It feels strange spending so much time away from Gilead in The Handmaid’s Tale. But with Serena newly assigned as Commander Lawrence’s diplomatic puppet in Toronto, and June and Luke heading towards what looks like a romantic reconciliation, this is where the show lives. now. What used to be a series about escaping from prison has turned into a show about political revolution. This week’s episode, Dear Offred, is mild. Our characters’ circumstances don’t change as much as their points of view.
If the episode has one main point, it’s to show us that the situation in Toronto is more fragile than we thought. Moira calls the city a “crowded refugee city.” A misstep by an asylum seeker, such as in hot June, could have a negative impact on the entire community. We also have an amazing and disheartening view of the extent to which the ideals of Gilead have permeated other lands is correct.
Even Canadians, swayed by the public mourning that inspired Serena at Fred’s funeral, agreed to allow the fascist state to establish a “cultural center” in urban heart Ontario. Outside the towering building, aggressive pro-Gilead protesters clash with those demanding an end to his murderous rule. Gilead is not as stable within its borders as outsiders might think. But outside of Gilead, the nation is evidently not as despised as I wrongly assumed.
Hannah’s parents are unraveling, but they are in this together.
Let me tell you, June (Elisabeth Moss) deserves to be yelled at on the playground. Did you notice what a lackluster parable I created with this kid’s swing? He’s lucky Nichole didn’t mutiny. I would think if June’s famous baby had a very public meltdown. Instead, June freaks out.
When a crazy stranger calls her “lucky” to have been to Gilead so God could reward her with a new baby, June violently pushes her against the swing set. Aside from worrying about June’s sanity, the unhinged interaction made me curious about Gilead’s immigration policies. Surely the state would welcome a new and zealous follower like this woman. She might not be fit for a servant, but she could still bake bread.
June and Luke’s family therapist attributes the stranger’s onset to contracting infertility delusions, which is such an odd diagnosis I’m glad they didn’t bother to unpack it. And the therapist explains June’s nervous and violent tendencies, which didn’t seem so different from June’s everyday violent tendencies, to mean that Serena is back in Canada. Anyway, it’s nice to see June processing her fully justified anger. brings her closer at last.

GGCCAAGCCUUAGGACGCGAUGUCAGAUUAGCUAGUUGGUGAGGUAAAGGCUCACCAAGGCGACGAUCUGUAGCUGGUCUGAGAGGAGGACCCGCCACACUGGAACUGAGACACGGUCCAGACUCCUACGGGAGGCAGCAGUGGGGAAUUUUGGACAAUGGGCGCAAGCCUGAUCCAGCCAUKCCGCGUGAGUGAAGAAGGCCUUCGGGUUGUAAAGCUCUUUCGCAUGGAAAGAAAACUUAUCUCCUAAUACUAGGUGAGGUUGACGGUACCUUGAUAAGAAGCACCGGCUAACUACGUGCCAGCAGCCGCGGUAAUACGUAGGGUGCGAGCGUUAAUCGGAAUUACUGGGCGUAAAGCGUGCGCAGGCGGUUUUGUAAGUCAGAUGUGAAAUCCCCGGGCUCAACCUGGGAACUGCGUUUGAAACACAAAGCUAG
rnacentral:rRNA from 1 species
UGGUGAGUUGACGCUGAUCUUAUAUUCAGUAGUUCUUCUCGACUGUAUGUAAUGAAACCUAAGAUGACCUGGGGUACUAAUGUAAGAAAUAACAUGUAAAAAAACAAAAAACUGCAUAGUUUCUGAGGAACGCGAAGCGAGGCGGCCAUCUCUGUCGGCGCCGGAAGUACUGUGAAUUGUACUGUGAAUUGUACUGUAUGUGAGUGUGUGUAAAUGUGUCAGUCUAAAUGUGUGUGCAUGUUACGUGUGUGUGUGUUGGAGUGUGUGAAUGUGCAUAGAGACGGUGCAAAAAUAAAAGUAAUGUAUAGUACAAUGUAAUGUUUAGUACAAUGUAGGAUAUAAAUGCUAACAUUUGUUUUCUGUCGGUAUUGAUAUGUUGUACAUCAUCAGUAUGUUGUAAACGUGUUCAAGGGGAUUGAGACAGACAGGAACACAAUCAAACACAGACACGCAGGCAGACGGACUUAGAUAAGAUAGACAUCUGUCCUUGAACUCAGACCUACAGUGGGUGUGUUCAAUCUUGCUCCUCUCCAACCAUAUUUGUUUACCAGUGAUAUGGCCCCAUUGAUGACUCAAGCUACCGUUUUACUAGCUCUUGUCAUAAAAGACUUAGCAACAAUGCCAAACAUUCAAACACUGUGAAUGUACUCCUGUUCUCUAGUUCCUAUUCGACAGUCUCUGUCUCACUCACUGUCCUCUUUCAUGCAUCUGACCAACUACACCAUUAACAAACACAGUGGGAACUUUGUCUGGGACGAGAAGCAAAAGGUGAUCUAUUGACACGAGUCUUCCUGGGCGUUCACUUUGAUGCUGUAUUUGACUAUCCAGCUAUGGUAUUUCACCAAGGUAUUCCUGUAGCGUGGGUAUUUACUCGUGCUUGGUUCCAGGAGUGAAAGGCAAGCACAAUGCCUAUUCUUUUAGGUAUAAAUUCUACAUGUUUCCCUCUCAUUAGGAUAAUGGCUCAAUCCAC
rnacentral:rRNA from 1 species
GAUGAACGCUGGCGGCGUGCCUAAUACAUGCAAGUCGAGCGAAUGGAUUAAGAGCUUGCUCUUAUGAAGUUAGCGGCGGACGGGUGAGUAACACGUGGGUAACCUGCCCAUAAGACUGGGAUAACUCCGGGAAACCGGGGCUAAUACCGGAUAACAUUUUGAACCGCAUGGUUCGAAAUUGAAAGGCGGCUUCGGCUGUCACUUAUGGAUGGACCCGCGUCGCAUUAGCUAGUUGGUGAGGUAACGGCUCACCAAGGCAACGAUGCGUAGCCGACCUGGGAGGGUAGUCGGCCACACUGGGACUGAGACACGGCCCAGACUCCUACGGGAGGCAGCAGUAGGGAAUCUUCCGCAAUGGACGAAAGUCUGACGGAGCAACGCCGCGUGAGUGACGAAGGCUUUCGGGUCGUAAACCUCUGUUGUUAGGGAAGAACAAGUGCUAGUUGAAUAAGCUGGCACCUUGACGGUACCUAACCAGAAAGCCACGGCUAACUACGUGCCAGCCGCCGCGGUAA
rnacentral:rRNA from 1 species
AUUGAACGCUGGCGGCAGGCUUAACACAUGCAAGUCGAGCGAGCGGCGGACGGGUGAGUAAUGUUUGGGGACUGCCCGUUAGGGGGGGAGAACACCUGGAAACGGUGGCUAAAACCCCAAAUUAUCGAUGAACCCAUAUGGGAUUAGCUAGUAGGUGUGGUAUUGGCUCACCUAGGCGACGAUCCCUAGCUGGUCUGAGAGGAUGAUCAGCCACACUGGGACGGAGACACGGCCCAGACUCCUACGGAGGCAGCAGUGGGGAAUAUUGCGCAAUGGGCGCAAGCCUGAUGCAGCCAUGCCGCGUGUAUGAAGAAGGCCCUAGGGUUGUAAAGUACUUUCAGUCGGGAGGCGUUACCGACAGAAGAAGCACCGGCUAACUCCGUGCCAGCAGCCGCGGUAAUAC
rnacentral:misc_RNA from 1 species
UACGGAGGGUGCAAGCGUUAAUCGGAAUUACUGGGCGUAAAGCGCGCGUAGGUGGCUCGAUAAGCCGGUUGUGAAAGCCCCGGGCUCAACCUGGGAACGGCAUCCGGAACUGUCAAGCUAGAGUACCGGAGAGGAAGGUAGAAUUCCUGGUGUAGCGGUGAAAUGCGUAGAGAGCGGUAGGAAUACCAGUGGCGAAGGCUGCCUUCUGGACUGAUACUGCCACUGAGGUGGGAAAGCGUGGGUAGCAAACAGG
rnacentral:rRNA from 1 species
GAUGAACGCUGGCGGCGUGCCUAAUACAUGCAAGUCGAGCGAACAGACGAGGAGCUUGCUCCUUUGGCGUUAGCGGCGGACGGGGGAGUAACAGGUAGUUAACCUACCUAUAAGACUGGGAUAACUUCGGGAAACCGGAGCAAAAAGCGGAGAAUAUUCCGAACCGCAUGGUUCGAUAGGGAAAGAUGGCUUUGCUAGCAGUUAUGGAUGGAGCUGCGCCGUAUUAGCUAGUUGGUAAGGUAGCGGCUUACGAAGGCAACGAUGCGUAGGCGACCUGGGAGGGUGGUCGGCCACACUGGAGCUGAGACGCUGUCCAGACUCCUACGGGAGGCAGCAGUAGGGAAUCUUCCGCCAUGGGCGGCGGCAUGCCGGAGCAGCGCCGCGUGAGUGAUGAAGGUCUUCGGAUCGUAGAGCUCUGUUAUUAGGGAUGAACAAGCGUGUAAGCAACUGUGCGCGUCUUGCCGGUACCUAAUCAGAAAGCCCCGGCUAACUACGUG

When June follows Gilead’s new de facto embassy with a loaded gun, Luke (O-T Fagbenle) is not upset, although his preferred solution is to leave the embassy mired in bureaucracy (something to do with building permits ). In fact, by the end of the episode, he might be the character most anxious for his wife to kill Serena (Yvonne Strahovski). But when June is six feet from her nemesis, she doesn’t pull the trigger. the brutal indoctrination of or the words of that desperate woman in the park still ring in her ears, but June will not kill a pregnant woman.
It takes your wife to work day
Serena begins her first day in the world as a Gilead diplomat and discovers that she is confined to Gilead property without immigrant status in Canada: a church and vicarage that is about to become the “Gilead Information Center.”. And she is still under Lawrence’s (Bradley Whitford) control as he refuses invitations from foreign consulates on her behalf. -addressed to “Offred”. It’s that adorable innuendo that earns her a visit to Luke’s office that breaks her like a pencil.
It only takes a few comments to get her into his head where I assume she will live until he dies. He manages to call him an inadequate father who let his wife go to any risk to save Hannah, and reminds him that his wife had Nick’s “support,” all in a handful of chilling sentences tone she uses for the jokes. So maybe Serena Joy is an effective diplomat after all. It quickly becomes clear that we may never know.
As the protests outside of downtown Gilead turn violent, June fires a warning shot as Moira (Samira Wiley) is attacked by a rioter and Serena quickly loses her sanctuary. from a wealthy Canadian family that seems to live under the laws of Gilead, down to the woman’s green dress, even without being dictated by a patriarchal state.
The other side of Aunt Lydia
Back in Gilead, Janine’s (Madeline Brewer) recovery continues. She lost her physical strength when Esther poisoned her, but honestly, she seems spiritually strong. She defends Esther when Lydia (Ann Dowd) calls her a sinner and confronts Lydia about her violent and abusive methods. After Lawrence refuses to let Lydia change the maiden program (she wants the maidens to stay in the red center instead of being sent to the commanders’ homes, where the commanders can be dirty and violent), he at least calls Janine for help. will train the new maids more humanely.